I was intrigued to see the film even though I thought the book was a real disappointment and a waste of trees and time (you can see my book review here: Saturday 9th July 2005). I've said for a while that I thought it would be a better film than it was a book (which is something I will rarely say as books give you so much more that is not captured on celluoid) so was interested to see the film despite all my opinions on Mr Browns lucklustre novel.
I've also been surprised that the film has been fairly universally panned in the press. I've not seen a positive review of it as yet and many places have called it this years dullest film. I, strangely enough, now find myself defending Mr Browns novel. For starters I guess they haven't read the book. The book is hardly an action thriller. It's a 590+ page book that covers the event of ONE day. The book is slow, the book doesn't give the reader anything real to think about - just leading them from one encounter or discovery of a bit information to another. THE DA VINCI CODE WAS NEVER GOING TO BE A FAST PACED FILM!
I also find myself flowing against public opinion once again.
Public Opinion on the book: Loved It
Angus Opinion on the book: " the book is actually about as controversial and ground breaking as a book as Busted is to Punk rock."
Public Opinion on the film: (So far) Found it boring
Angus Opinion on the film: Far better than the book and actually pretty enjoyable
Yes that's right folks. I, Angus, Hater of All Things Brown "LIKED" the film adaptation.
And it is an adaptation. They have changed a number of things from the book (as with almost all adaptations) some of which are for the better others of which are not. Maybe because at it's core The Da Vinci Code seems to have been written for the big screen as well as airport lounges. Maybe it's because I prefer wasting a couple of hours at the cinema than several nights reading a bland piece of fiction. In anycase I enjoyed the film.
Yes, it is slow paced. But, as I mentioned before, anyone who has read the book should be expecting this. The ideas and settings suit the big screen and have been very well handled by Ron Howard (yes, he of Happy Days fame). Tom Hanks does a fine job as Robert Langdon - won't be getting any Oscar nominations for it, but he portrays him well and once again comes across as a good actor - Audrey Tautou (whom I've loved since Amelie) is still sexy and lends Sophie Neveu an added element of charm and sex appeal, Ian McKellen is brilliant as Sir Leigh Teabing and Paul Bettany is an excellent Silas (the albino monk).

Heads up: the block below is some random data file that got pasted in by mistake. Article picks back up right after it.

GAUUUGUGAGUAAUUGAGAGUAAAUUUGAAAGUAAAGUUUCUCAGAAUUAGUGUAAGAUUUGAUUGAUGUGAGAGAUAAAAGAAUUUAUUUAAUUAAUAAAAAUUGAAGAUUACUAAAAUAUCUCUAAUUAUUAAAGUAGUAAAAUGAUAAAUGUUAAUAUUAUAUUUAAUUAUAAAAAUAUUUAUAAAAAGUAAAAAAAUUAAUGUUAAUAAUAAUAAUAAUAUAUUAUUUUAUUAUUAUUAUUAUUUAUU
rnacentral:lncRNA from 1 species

It was odd seeing Alfred Molina playing Bishop Aringarosa as whenever he came on sceen I just kept thinking about Doctor Octopus! Jean Reno (who was excellent in Leon/The Professional - depending on which continent you live on) put in a disappointing performance as Captain Fache. I can't really put my finger on it but he just didn't come across as well as he did in the books. This is probably partially because of some changes they made in his storyline.
I had to smile at a couple of scenes (mainly street scenes in Paris) as the director must have done some homework because some of the location he uses (that aren't mentioned in the book) are actually fairly important in Templar history. One in particular near Notre Dame :p
Overall I was surprised by the film. Despite my views on the novel - and the fact that I feel they changed a few of the good bits in the transition - I found myself enjoying the film and would certainly recommend it to people as long as they like slower paced more thinking films.
I can't believe I've actually said good things about this! If you've ever thought about reading the book - don't. Go and watch the film instead. If you want a proper book dealing with the Templars and conspiracy theories go and read the excellent Focaults Pendulum by Umberto Eco instead. That is something that deserves the title of 'Masterpiece'.
School Report: B (Ron Howard somehow made a bland book into an interesting film)